“I cannot advise Jews to wear the Kippah everywhere all the time in Germany.”

That’s what Felix Klein, Germany’s commissioner on anti-Semitism, said in an interview with the Funke regional press group published on Saturday. He blamed “the lifting of inhibitions and the uncouthness which is on the rise in society” for the rise in anti-Semitism.

Klein’s comments were made in response to new crime data that showed continued growth in anti-Semitic criminal acts, with the vast majority of perpetrators being members of the German far-right, and not new immigrants from predominantly Muslim countries — a common scapegoat.

Germany’s national crime rate has actually fallen, dropping last year to the lowest level since 1992. The number of crimes committed by non-German individuals fell 23 percent. The one area of crime that saw a 2.5 percent increase was anti-Semitic attacks — with 94 percent of them committed by far-right German nationals in 2017. According to figures for 2018 released last week, far right individuals committed a similar percentage of anti-Semitic crimes.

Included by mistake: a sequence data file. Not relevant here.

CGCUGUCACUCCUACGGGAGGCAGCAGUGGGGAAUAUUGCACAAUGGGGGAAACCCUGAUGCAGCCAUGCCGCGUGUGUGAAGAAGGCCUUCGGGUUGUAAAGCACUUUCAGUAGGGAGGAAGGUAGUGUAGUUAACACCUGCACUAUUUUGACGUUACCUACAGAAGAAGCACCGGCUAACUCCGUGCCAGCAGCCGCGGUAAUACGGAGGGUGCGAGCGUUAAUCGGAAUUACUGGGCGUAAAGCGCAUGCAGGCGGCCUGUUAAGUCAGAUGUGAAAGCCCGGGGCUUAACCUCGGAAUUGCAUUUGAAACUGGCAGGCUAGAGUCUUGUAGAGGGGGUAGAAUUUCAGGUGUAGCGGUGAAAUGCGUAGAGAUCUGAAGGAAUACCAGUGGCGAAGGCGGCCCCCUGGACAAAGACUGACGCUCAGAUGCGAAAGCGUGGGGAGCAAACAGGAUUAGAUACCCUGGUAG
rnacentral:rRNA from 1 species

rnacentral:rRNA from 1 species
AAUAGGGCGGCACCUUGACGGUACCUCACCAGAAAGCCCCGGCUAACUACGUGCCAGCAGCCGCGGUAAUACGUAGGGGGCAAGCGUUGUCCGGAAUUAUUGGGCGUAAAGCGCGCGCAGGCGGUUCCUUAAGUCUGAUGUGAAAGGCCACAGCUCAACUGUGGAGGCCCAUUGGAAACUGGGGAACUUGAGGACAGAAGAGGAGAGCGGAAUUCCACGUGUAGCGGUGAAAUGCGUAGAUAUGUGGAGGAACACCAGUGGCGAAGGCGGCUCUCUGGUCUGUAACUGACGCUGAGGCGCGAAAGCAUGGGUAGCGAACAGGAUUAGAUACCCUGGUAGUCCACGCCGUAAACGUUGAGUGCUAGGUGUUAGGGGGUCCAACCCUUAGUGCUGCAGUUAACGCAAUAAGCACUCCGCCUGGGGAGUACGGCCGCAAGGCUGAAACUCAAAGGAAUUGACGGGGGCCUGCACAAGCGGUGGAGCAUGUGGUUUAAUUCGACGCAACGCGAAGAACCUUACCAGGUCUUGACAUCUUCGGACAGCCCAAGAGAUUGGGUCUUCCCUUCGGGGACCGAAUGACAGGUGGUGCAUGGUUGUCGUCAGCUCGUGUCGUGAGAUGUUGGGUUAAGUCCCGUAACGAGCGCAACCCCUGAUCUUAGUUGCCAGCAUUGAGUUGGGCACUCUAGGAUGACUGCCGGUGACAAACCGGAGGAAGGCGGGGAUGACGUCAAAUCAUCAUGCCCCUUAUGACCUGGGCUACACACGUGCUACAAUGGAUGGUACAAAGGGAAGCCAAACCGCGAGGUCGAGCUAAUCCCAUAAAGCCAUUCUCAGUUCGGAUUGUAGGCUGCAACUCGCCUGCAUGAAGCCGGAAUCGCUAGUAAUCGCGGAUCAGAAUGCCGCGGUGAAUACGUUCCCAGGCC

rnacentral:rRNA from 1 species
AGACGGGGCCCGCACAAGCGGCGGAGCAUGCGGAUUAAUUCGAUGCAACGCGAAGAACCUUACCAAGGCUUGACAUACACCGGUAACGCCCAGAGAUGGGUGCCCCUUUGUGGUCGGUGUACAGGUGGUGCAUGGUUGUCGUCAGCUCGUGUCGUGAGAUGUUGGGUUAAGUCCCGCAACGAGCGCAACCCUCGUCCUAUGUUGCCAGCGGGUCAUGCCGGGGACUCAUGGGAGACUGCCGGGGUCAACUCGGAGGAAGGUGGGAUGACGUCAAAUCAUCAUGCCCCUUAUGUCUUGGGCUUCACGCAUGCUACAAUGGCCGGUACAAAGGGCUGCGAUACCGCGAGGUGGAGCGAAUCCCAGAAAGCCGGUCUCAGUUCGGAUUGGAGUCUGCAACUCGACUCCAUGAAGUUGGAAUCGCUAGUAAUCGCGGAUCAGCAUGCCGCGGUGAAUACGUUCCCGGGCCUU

Trump claims crime in Germany is 'way up,' amid lowest rate in decades. (CREDIT: Getty/Leon Neal/Staff) Trump tells ridiculous lie about German crime to argue against taking in asylum-seekers


President Donald Trump argued on Twitter last year that Germany’s crime rate was “way up” and blamed the immigration stance adopted by the Germans and other European countries that he viewed as too welcoming to refugees from North Africa and the Middle East. His criticism was wrong — the broader crime rate was lower than it had been in the past, and the share of crimes perpetrated by non-Germans actually fell. And that especially held true for people committing anti-Semitic crimes.


“Anti-Semitism has always been here,” Claudia Vanioni, a German legal expert on anti-Semitism, told AFP. “But I think that recently, it has again become louder, more aggressive and flagrant.”

The final results for the recent European Union Parliament election began to come in on Sunday evening, with pro-EU blocs vying with anti-EU, nativist blocs. In Germany, the early returns appeared to show a strong showing for the pro-immigration Greens, and losses for the traditionally successful centrist bloc. The populist, euroskeptic AfD party did not perform as well as it did in the previous election. AfD’s reputation has been marred by accusations of anti-Semitism after members made anti-Semitic comments and trivialized the Holocaust.

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